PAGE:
Darya's simple life in mid-nineteenth-century Afghanistan is torn apart when a hateful curse by a jealous tribeswoman leaves her an outcast in her small Muslim village. She looks to her arranged marriage to the son of a nomadic tribal chief with hope that it will deliver her from this oppression; instead, Darya finds herself regularly beaten by her wrathful husband, and more isolated than she can bear. Seeing no choice other than to flee from her torment, Darya barely escapes through the foothills of the Hindu Kush.
Destitute and alone, Darya meets David Ingram, an enigmatic Englishman traveling in Afghanistan. Although he is a complete stranger, she joins him on his journey to Bombay--and embarks on the adventure of a lifetime. Ranging from the arid Afghan plains to the lush tropical villas of India, across mighty seas to Victorian London's fetid streets, The Moonlit Cage is an intense and sensuous story of love, loss, and redemption.
Holeman (The Linnet Bird) explores the fate of a willful Muslim girl in this exotic and expansive coming-of-age historical romance. Growing up in 19th-century Afghanistan where women are expected to be obedient and subservient, young Darya dreams of adventure and freedom. "I could not be obedient," she laments and is consequently cursed by her father's second wife and sold to an abusive nomad. Fearing for her life, she runs away and is rescued by David Ingram, an enigmatic Englishman. He's the first man to show Darya kindness, and during a long, perilous journey to Bombay, she falls in love with him. Suppressing his own feelings, David arranges to leave Darya behind in India while he returns to England. Desperate to rejoin David, Darya agrees to travel to London as the companion of the shady Osric Bull, though he has sinister plans for her. The narrative falters when the setting shifts to London, but fans of the genre will appreciate the vivid rendering of tribal life and the sobering look at what it means to live where it's believed "[m]en are created to enjoy; women to give enjoyment to them." (Mar.)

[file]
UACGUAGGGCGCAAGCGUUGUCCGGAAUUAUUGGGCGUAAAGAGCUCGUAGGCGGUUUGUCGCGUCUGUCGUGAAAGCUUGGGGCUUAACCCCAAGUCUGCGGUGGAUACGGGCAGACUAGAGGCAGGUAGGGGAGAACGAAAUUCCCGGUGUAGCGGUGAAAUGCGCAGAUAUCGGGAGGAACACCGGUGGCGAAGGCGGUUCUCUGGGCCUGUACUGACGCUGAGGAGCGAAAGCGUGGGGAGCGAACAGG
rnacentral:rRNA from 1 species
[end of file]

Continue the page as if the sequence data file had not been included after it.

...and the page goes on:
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March 26, 2007
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